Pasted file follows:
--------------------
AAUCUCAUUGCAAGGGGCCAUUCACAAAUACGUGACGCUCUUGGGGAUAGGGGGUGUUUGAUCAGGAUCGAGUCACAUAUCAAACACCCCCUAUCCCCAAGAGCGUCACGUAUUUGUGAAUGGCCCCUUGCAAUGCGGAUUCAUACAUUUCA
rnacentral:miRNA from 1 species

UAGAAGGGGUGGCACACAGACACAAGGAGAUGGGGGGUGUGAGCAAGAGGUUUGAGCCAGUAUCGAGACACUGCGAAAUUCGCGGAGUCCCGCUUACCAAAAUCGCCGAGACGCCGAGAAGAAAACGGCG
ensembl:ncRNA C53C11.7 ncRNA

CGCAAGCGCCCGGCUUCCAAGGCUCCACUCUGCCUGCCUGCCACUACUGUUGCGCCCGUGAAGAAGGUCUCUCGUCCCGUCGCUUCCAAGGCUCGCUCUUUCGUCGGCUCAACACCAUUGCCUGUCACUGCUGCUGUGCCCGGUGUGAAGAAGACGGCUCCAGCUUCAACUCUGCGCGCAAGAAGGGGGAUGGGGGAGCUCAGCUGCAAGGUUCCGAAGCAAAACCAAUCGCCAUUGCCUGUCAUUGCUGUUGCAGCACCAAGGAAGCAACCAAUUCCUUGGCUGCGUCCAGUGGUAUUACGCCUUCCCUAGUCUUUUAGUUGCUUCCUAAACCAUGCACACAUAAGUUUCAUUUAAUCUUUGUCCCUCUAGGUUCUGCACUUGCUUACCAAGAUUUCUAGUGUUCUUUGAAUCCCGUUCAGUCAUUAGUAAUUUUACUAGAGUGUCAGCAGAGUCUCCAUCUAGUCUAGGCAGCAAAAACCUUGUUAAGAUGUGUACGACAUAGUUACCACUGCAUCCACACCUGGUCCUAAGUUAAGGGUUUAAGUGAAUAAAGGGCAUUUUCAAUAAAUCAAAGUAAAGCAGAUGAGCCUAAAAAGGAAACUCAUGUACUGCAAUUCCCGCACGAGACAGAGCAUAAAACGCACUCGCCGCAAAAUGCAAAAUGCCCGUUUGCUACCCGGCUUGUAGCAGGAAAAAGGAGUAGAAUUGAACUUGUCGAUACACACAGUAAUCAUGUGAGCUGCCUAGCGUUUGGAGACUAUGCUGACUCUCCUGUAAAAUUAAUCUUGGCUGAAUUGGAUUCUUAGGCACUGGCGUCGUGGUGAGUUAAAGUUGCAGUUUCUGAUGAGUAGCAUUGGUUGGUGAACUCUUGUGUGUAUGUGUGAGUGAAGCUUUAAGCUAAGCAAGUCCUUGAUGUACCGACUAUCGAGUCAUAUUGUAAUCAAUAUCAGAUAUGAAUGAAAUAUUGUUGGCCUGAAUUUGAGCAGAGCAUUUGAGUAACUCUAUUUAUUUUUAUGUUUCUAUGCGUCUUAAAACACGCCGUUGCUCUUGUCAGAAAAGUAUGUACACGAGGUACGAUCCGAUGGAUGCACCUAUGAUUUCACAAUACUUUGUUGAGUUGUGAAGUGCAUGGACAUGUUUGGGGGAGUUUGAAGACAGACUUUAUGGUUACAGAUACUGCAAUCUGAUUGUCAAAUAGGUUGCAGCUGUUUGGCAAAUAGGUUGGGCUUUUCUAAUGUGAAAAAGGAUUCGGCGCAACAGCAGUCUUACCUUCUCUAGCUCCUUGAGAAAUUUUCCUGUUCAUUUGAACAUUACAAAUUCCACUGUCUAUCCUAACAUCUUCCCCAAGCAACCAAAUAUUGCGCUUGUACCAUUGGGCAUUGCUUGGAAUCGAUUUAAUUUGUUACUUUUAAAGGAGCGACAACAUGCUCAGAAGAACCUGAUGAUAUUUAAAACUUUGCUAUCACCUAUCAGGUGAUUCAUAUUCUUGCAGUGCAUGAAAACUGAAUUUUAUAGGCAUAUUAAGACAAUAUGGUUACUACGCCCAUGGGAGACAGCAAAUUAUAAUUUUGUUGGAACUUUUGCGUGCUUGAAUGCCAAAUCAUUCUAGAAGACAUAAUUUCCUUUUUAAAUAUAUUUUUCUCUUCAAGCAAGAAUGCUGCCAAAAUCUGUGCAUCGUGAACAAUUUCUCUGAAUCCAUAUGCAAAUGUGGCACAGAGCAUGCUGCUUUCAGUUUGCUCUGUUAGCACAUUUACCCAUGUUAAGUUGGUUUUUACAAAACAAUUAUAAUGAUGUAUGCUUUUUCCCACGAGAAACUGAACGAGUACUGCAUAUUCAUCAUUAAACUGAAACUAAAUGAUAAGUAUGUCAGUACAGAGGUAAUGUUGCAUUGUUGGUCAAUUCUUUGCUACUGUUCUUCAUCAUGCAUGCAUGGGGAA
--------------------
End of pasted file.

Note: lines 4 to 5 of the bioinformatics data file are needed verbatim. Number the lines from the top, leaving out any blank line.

ensembl:ncRNA C53C11.7 ncRNA

CGCAAGCGCCCGGCUUCCAAGGCUCCACUCUGCCUGCCUGCCACUACUGUUGCGCCCGUGAAGAAGGUCUCUCGUCCCGUCGCUUCCAAGGCUCGCUCUUUCGUCGGCUCAACACCAUUGCCUGUCACUGCUGCUGUGCCCGGUGUGAAGAAGACGGCUCCAGCUUCAACUCUGCGCGCAAGAAGGGGGAUGGGGGAGCUCAGCUGCAAGGUUCCGAAGCAAAACCAAUCGCCAUUGCCUGUCAUUGCUGUUGCAGCACCAAGGAAGCAACCAAUUCCUUGGCUGCGUCCAGUGGUAUUACGCCUUCCCUAGUCUUUUAGUUGCUUCCUAAACCAUGCACACAUAAGUUUCAUUUAAUCUUUGUCCCUCUAGGUUCUGCACUUGCUUACCAAGAUUUCUAGUGUUCUUUGAAUCCCGUUCAGUCAUUAGUAAUUUUACUAGAGUGUCAGCAGAGUCUCCAUCUAGUCUAGGCAGCAAAAACCUUGUUAAGAUGUGUACGACAUAGUUACCACUGCAUCCACACCUGGUCCUAAGUUAAGGGUUUAAGUGAAUAAAGGGCAUUUUCAAUAAAUCAAAGUAAAGCAGAUGAGCCUAAAAAGGAAACUCAUGUACUGCAAUUCCCGCACGAGACAGAGCAUAAAACGCACUCGCCGCAAAAUGCAAAAUGCCCGUUUGCUACCCGGCUUGUAGCAGGAAAAAGGAGUAGAAUUGAACUUGUCGAUACACACAGUAAUCAUGUGAGCUGCCUAGCGUUUGGAGACUAUGCUGACUCUCCUGUAAAAUUAAUCUUGGCUGAAUUGGAUUCUUAGGCACUGGCGUCGUGGUGAGUUAAAGUUGCAGUUUCUGAUGAGUAGCAUUGGUUGGUGAACUCUUGUGUGUAUGUGUGAGUGAAGCUUUAAGCUAAGCAAGUCCUUGAUGUACCGACUAUCGAGUCAUAUUGUAAUCAAUAUCAGAUAUGAAUGAAAUAUUGUUGGCCUGAAUUUGAGCAGAGCAUUUGAGUAACUCUAUUUAUUUUUAUGUUUCUAUGCGUCUUAAAACACGCCGUUGCUCUUGUCAGAAAAGUAUGUACACGAGGUACGAUCCGAUGGAUGCACCUAUGAUUUCACAAUACUUUGUUGAGUUGUGAAGUGCAUGGACAUGUUUGGGGGAGUUUGAAGACAGACUUUAUGGUUACAGAUACUGCAAUCUGAUUGUCAAAUAGGUUGCAGCUGUUUGGCAAAUAGGUUGGGCUUUUCUAAUGUGAAAAAGGAUUCGGCGCAACAGCAGUCUUACCUUCUCUAGCUCCUUGAGAAAUUUUCCUGUUCAUUUGAACAUUACAAAUUCCACUGUCUAUCCUAACAUCUUCCCCAAGCAACCAAAUAUUGCGCUUGUACCAUUGGGCAUUGCUUGGAAUCGAUUUAAUUUGUUACUUUUAAAGGAGCGACAACAUGCUCAGAAGAACCUGAUGAUAUUUAAAACUUUGCUAUCACCUAUCAGGUGAUUCAUAUUCUUGCAGUGCAUGAAAACUGAAUUUUAUAGGCAUAUUAAGACAAUAUGGUUACUACGCCCAUGGGAGACAGCAAAUUAUAAUUUUGUUGGAACUUUUGCGUGCUUGAAUGCCAAAUCAUUCUAGAAGACAUAAUUUCCUUUUUAAAUAUAUUUUUCUCUUCAAGCAAGAAUGCUGCCAAAAUCUGUGCAUCGUGAACAAUUUCUCUGAAUCCAUAUGCAAAUGUGGCACAGAGCAUGCUGCUUUCAGUUUGCUCUGUUAGCACAUUUACCCAUGUUAAGUUGGUUUUUACAAAACAAUUAUAAUGAUGUAUGCUUUUUCCCACGAGAAACUGAACGAGUACUGCAUAUUCAUCAUUAAACUGAAACUAAAUGAUAAGUAUGUCAGUACAGAGGUAAUGUUGCAUUGUUGGUCAAUUCUUUGCUACUGUUCUUCAUCAUGCAUGCAUGGGGAA